“Never Again”

As the war ended, the world faced the horrors of the Holocaust.

By Sean McCollum

Lee Potasinski (puh-tah-ZEEN-ski) was only 12 when liberation came. A Polish Jew, he already had spent three years in Nazi concentration camps. But now, in April and May of 1944, Allied armies were closing in from east and west.

"The Nazi guards wanted to take us into the woods and shoot us all," Potasinski told Junior Scholastic. But many guards, realizing that defeat was near, slipped away. "That morning, a friend and I went out and the guards were gone. Then two jeeps pulled into camp. I had no idea who these people were. . . . I asked if they spoke German and one man said "yes" in a friendly tone of voice. They were Americans. . . . We ran back to tell the others. Everyone stood together and hugged and cried."

Potasinski was freed. But for the rest of his family and six million other Jews, it was too late. They had been killed, wiped out by the scorching hatred of Adolf Hitler and his Nazis. Many people consider this to be the darkest chapter in all of human history: the Holocaust.

The Final Solution

How could such a thing happen? The Holocaust grew out of Europe's long history of anti-Semitism (prejudice against Jews). For centuries, Jews had been the continent's scapegoats and victims.

Adolf Hitler and his Nazi Party took advantage of these feelings to help gain political power. Hitler had a maniacal (crazy) hatred for Jews. He blamed them for Germany's defeat in World War I, and for all of the country's economic troubles. Once Hitler became dictator in 1933, Germany's government passed many laws that deprived Jews of their rights, liberty, and property.

After the German army's lightning-fast conquest of Europe in 1939—1940, the Nazi campaign against the Jews turned into a nightmare. The Nazis launched their "Final Solution to the Jewish Question." That "solution" called for the murder of every single Jew in Europe.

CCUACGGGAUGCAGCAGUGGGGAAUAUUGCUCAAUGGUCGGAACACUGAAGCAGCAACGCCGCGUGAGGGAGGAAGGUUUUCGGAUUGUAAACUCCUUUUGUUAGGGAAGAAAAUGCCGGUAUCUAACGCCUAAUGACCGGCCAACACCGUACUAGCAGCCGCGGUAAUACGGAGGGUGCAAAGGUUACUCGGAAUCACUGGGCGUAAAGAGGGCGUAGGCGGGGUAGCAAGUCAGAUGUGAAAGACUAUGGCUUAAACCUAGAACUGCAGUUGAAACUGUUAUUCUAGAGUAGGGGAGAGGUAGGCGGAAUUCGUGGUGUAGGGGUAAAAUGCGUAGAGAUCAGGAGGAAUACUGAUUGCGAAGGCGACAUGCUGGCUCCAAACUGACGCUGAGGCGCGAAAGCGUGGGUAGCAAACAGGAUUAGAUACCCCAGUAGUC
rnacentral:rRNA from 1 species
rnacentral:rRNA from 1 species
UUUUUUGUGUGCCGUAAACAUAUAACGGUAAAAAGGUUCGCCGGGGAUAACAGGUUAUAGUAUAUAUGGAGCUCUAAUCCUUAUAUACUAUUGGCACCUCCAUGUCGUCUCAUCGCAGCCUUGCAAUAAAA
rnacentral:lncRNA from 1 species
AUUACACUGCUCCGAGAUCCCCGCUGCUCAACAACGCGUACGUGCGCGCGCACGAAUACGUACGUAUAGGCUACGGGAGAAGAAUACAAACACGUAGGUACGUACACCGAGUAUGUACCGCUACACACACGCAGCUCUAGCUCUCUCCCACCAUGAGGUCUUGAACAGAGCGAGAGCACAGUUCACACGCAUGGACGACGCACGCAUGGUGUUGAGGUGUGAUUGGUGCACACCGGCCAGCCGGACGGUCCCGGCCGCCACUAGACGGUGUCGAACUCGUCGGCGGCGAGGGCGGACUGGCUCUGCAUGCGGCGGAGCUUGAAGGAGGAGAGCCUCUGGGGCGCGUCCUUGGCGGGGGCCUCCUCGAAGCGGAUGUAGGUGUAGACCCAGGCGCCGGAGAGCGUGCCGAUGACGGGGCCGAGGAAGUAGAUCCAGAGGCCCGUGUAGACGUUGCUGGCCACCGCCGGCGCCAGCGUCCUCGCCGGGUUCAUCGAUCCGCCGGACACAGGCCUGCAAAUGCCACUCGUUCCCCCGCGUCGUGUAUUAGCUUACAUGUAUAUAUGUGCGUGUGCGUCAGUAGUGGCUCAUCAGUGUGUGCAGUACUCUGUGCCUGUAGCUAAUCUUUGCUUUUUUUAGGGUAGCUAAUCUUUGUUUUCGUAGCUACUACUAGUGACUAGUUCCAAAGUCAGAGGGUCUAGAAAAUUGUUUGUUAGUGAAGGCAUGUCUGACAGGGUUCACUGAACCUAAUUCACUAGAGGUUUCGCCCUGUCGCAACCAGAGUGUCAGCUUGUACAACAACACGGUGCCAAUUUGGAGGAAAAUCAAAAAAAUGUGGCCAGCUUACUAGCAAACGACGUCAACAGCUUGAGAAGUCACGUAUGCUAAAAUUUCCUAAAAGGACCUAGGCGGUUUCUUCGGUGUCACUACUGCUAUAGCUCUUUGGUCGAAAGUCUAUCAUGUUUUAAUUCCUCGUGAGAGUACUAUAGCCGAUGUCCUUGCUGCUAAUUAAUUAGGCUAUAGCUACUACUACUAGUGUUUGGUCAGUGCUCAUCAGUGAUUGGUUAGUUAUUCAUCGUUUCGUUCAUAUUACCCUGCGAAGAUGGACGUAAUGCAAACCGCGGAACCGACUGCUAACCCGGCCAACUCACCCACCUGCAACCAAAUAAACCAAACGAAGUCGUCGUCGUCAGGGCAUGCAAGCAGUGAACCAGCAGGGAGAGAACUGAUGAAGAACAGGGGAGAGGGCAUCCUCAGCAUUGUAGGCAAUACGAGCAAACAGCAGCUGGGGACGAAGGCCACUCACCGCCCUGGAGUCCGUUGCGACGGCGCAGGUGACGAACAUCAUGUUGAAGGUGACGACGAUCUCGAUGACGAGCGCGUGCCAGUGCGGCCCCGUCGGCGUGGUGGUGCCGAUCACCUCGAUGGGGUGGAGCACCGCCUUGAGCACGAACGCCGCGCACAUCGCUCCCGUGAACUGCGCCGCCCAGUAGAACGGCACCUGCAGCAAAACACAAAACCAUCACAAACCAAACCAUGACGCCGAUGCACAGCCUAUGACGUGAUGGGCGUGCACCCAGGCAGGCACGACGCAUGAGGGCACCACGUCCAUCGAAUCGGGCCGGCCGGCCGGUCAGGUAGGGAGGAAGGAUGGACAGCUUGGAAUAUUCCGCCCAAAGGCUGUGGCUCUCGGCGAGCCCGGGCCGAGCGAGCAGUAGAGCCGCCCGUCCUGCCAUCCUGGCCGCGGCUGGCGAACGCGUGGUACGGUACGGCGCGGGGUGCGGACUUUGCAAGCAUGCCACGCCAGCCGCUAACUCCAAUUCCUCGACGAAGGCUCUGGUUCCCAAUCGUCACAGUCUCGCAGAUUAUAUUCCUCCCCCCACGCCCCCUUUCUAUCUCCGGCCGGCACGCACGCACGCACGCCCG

At first, Nazi death squads went to captured cities and towns. They lined up Jews — from old men to babies in their mothers'arms — and executed them.

This method was too slow for the Nazis. So they built death camps throughout central and eastern Europe. The camps were equipped with gas chambers that could kill as many as 2,000 prisoners at a time. Incinerators were built to burn the bodies.

Jews and other prisoners were taken to the camps in railroad freight cars. A camp officer would then "select" which prisoners would live and die. Able-bodied men and women were selected as slave laborers. The others — children, the elderly and disabled, and mothers with young children — were marked for death.

The gas chambers were disguised to look like showers. Many victims did not realize the trick until it was too late. Uprisings by prisoners were brutally crushed.

In addition to Jews, five million other "undesirables" died at Nazi hands during the Holocaust. Nearly 500,000 Gypsies were murdered, as well as Poles, Russians, homosexuals, the physically disabled, and the mentally ill.

Many people in the camps died of starvation and disease. As Allied armies were closing in on the camps, the Germans forced prisoners who could walk — including Lee Potasinski — to go on death marches. The Germans often blew up gas chambers and incinerators in an attempt to destroy evidence of Nazi atrocities (horrific crimes).

The World Faces the Holocaust

Allied leaders had heard reports of mass murder. But nothing could prepare their troops for the dead and dying people they found in the camps. Battle-hardened soldiers broke down and cried. Photographs and films of the piles of corpses shocked the world.

Hitler committed suicide on April 30, 1945. After Germany surrendered, Nazi leaders accused of war crimes were tried at the Nuremberg Trials. Dozens were hanged for their crimes. Before his execution, Rudolf Höss (huhss), commander of the Auschwitz (OWSH-vihts) death camp, wrote: "We were all so trained to obey orders without even thinking that the thought of disobeying an order would simply never have occurred to anybody. . . ."

Those orders led to one of the largest mass murders in history. In 1942, 11 million Jews lived in Europe. By the end of the war, only five million were still alive.

As a result of the Holocaust, the United Nations (UN) approved a plan in 1947 to create a Jewish homeland. After the state of Israel was born in 1948, millions of European Jews moved there to rebuild their shattered lives. They adopted an unofficial motto: "Never again."

  • Subjects:
    World War II